The primary dish is made of aluminum (previously produced as an antenna) and covered with reflective aluminum tiles with reflectivity of 90%. The diameter is 2000 mm and the height is 377 mm. The diameter of the secondary dish is 305 mm and the height is 67 mm and was also covered with Kind-man reflective film w/self-adhesive model nr K-MF98 with reflectivity of 98%. To keep the secondary reflector at optimum position above the primary reflector, 4 legs are used as supports using adjustable clamps. The reflectors were built in the context of a Master thesis; for more details see Sivertsen [20].

A cylindrical aluminum container with 190 mm internal diameter, 200 mm height, and 5 mm wall thickness was used as a holder for the PCM. Aluminum fins are used for the heat transfer from the aluminum top plate absorber to the PCM. The storage unit was built and analyzed computationally by Foong [13] and modified in the context of a Master thesis [20] by increasing the thickness of the aerogel insulation from 1 cm to 5 cm.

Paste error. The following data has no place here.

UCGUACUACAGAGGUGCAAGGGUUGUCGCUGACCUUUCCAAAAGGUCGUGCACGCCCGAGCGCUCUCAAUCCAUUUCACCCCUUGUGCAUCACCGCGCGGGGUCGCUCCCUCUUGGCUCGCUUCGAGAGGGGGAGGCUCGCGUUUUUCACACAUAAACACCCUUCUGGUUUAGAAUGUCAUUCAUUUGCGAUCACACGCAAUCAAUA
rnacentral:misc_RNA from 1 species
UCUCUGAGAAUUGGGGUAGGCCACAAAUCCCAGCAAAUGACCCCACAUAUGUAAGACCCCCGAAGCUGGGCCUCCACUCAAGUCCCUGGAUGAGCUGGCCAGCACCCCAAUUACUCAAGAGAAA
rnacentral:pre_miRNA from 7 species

In the present study the absorber is integrated to the storage. The concentration ratio for the system was found to be and is given is the area of aperture of the primary reflector, and is the area of the absorber.

The primary reflector has a center hole of 290 mm to allow sun rays coming from the secondary reflector to hit the top absorber plate of the stationary heat storage below the primary reflector; see the schematics in Figure 1 and the photo in Figure 5. With both reflectors sharing the same focal point, the rays coming from the secondary will be parallel. The distance between the vertexes of the two reflectors is then , where  mm and  mm is the focal length of primary and secondary reflector, respectively. With a slight further elevation of the secondary reflector, the rays will focus somewhat on the storage absorber plate, as demonstrated with a ray tracer in Figure 1.

Figure 1: Demonstration of the double-reflector system with a ray tracer [21].